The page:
October Garden Checklist
Learn what to plant this month, get maintenance advice and troubleshoot gardening challenges with an expert.
By Kelly Young
What to Plant
Cool-season vegetables–Transplant head lettuce, cabbage, broccoli, cauliflower and Brussels sprouts. Sow seeds of leaf lettuce, chard, mustard greens, collard greens, spinach, arugula, radish, carrots, beets, turnips, parsnips, and snow and snap peas. Keep hungry birds from eating young plants by covering garden beds with floating row covers, available at most garden centers.
Color bowls–Create beautiful container gardens by placing taller, upright species, such as geraniums or purple fountain grass, in the center, flanked by trailing plants including asparagus fern or petunias. Water daily while temperatures remain above 90 degrees, and decrease irrigation frequency to every two or three days as temperatures cool.
Citrus–Plant oranges, tangerines, lemons, grapefruits, pomelos, kumquats and other citrus trees in planting holes that are no deeper than the plant’s root balls but at least twice the width of their containers to promote root growth out into the native soil. Be realistic about how much citrus you, your family, neighbors and co-workers are willing and able to consume when buying trees. One lemon or grapefruit tree will produce more than enough fruit for you and 50 of your closest friends. If you want more than one type of citrus, select varieties with staggered harvest periods to prolong fruit availability and minimize waste. Tangerines typically ripen earliest, between October and January, depending on the type. Grapefruits usually ripen later in the season, with harvest extending until June.
Woody vines–For a fast-growing vine that can offer summer shade but goes dormant and leafless in winter, try Queen’s wreath (Antigonon leptopus), a Sonoran Desert native that climbs by tendrils and produces sprays of delicate flowers in shades of pink and red. Pink honeysuckle (Lonicera americana) stays green year-round and blooms pale pink, intensely sweet-smelling flowers in the spring.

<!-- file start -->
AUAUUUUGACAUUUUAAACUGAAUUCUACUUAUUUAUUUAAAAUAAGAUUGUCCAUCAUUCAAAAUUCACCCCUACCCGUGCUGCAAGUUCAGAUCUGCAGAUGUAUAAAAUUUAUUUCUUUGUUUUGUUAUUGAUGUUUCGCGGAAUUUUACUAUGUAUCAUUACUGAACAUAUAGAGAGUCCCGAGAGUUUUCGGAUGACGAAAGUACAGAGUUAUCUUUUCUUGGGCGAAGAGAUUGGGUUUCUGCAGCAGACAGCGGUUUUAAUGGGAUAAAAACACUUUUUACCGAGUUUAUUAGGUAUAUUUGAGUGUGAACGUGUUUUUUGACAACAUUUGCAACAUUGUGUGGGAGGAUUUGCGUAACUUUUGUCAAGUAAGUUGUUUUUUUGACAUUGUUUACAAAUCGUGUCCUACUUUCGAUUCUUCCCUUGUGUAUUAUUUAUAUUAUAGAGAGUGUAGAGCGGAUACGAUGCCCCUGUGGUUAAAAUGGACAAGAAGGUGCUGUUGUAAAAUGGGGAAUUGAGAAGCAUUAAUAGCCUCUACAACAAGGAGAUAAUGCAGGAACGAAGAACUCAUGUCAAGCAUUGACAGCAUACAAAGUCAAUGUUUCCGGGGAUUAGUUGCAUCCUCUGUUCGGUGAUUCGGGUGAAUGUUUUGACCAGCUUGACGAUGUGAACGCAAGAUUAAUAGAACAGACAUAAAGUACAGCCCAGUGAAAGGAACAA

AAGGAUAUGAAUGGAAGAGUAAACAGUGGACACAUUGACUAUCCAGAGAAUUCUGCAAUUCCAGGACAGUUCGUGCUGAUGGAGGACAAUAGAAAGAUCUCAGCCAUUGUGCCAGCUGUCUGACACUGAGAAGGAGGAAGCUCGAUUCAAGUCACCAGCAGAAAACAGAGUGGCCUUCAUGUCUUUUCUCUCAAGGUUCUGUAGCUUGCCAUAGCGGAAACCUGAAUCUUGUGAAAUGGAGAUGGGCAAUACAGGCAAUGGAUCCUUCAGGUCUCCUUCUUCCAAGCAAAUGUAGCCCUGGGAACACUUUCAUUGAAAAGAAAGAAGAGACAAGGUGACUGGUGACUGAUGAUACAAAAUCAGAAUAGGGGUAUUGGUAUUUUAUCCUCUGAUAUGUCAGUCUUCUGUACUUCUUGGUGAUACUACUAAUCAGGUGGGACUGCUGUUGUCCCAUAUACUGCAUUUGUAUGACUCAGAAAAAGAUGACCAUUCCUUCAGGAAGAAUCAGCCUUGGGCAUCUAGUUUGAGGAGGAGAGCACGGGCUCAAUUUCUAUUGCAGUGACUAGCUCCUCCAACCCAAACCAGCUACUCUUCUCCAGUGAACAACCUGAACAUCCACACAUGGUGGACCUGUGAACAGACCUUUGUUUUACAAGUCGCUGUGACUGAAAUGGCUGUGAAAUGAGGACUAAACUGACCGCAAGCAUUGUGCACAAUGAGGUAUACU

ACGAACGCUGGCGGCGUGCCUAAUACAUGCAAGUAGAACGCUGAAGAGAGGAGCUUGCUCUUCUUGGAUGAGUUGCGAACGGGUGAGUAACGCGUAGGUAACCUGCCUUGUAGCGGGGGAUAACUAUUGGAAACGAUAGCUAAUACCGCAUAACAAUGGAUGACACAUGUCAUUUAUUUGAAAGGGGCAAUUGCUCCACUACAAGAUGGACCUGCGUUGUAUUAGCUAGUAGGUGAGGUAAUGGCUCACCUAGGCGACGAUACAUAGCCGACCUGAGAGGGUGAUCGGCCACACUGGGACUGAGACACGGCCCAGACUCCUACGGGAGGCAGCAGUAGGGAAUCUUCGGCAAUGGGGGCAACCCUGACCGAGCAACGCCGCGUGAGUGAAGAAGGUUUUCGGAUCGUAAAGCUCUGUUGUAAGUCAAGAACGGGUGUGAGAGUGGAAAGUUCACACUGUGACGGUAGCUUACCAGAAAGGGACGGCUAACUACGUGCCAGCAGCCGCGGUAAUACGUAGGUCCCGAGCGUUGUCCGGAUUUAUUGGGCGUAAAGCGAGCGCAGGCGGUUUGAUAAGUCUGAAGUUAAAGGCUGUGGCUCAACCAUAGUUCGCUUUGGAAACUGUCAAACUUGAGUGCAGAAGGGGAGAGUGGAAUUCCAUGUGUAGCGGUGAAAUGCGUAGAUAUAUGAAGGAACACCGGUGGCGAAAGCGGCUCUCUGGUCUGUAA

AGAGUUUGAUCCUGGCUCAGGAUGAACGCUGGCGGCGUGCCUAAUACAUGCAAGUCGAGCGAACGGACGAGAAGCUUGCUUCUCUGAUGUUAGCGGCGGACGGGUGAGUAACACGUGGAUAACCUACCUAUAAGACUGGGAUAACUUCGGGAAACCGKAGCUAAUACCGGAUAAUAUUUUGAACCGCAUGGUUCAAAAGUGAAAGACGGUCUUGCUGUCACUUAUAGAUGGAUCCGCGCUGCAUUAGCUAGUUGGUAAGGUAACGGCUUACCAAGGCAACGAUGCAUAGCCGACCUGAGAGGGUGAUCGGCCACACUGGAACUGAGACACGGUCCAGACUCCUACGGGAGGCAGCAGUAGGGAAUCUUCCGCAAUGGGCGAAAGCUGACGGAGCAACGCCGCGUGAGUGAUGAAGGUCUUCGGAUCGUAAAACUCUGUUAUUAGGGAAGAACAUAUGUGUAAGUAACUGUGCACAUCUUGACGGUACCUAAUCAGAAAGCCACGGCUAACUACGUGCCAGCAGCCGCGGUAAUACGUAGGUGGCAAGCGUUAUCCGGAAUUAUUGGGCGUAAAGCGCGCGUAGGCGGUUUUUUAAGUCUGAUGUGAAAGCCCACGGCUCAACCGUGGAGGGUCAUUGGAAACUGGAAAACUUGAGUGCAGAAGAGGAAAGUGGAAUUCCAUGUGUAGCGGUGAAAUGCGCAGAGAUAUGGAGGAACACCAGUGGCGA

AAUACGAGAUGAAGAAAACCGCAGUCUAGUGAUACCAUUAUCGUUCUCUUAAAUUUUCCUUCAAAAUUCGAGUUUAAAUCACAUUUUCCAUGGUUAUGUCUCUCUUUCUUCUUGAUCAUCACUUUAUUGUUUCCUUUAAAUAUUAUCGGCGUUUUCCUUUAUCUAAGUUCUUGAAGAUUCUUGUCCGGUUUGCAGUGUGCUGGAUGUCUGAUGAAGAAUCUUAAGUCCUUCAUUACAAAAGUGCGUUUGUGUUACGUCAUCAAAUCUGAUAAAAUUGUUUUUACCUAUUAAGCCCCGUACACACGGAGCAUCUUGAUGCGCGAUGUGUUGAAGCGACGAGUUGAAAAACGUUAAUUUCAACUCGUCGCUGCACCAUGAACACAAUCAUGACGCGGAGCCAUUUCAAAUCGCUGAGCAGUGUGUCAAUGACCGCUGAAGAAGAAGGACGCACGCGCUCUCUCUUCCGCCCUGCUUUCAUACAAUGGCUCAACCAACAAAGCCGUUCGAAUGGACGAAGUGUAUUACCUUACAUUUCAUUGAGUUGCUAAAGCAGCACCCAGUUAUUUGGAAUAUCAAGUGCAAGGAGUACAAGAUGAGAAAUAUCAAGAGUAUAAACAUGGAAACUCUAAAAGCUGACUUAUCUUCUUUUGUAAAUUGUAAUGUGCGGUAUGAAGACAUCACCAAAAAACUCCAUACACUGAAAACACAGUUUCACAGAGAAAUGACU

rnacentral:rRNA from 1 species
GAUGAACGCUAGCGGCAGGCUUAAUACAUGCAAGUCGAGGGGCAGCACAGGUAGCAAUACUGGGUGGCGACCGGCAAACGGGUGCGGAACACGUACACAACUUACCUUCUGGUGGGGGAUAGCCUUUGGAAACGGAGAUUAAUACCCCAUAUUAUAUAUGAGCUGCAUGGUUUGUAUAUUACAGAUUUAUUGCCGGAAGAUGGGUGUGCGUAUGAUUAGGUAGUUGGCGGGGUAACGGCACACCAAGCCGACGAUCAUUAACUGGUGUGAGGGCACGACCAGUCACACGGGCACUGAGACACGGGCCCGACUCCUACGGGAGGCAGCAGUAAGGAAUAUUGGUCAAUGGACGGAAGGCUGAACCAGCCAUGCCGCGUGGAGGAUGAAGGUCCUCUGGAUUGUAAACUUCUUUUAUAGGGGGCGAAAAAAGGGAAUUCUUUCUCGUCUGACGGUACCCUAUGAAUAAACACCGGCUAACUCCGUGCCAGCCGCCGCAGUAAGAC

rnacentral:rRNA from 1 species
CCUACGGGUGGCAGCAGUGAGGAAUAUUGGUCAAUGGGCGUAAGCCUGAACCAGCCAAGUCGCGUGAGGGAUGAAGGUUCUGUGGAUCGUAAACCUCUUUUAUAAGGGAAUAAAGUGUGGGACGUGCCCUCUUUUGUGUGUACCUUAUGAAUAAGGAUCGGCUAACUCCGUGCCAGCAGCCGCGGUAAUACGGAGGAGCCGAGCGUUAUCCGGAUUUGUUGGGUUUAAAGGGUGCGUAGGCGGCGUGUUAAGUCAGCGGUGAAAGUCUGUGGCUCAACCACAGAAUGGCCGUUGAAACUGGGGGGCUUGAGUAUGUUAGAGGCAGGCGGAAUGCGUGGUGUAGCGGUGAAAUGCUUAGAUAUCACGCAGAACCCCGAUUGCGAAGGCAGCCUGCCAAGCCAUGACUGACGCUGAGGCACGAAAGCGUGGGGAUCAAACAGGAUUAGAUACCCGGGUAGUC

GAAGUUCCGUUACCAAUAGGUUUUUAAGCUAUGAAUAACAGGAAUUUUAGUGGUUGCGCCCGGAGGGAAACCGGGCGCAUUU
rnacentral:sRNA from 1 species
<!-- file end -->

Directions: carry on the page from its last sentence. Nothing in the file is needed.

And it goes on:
Bulbs–After midmonth, plant tulip, daffodil, hyacinth, narcissus, paperwhite and iris. As a general rule, plant with the pointed side up at a depth that is three times the length of the bulb.
Middle and High Elevations
Cool season vegetables–Onions, radish, spinach and peas can be planted from seed. Stick with transplants for broccoli and cabbage.
Flowers and grasses–Seed a mixture of flowering, low-growing native plants, such as desert marigold (Baileya multiradiata) and lupine (Lupinus spp.), plus native grasses including blue grama (Bouteloua gracilis) and buffalo grass (Bouteloua dactyloides)—not to be confused with the invasive species buffelgrass (Pennisetum ciliare). Become familiar with what the newly sprouted seedlings look like, so you can distinguish between your meadow plants and weeds. Promptly remove weeds as they emerge to keep them from crowding out desirable plants.
Evergreen shrubs and trees–For small spaces, try Blue Star juniper, a shrub with blue-gray foliage that only reaches 3 to 4 feet in height and spread. Fat Albert is a Colorado blue spruce variety that slowly grows to 40 feet high with a spread of only 20 feet.
Clean up garden beds–Remove and compost summer crops as the plants stop producing. Prepare for planting cool-season vegetables by mixing in 3 inches of compost and 5 to 10 pounds of ammonium phosphate, 16-20-0 per 1,000 square feet of garden space.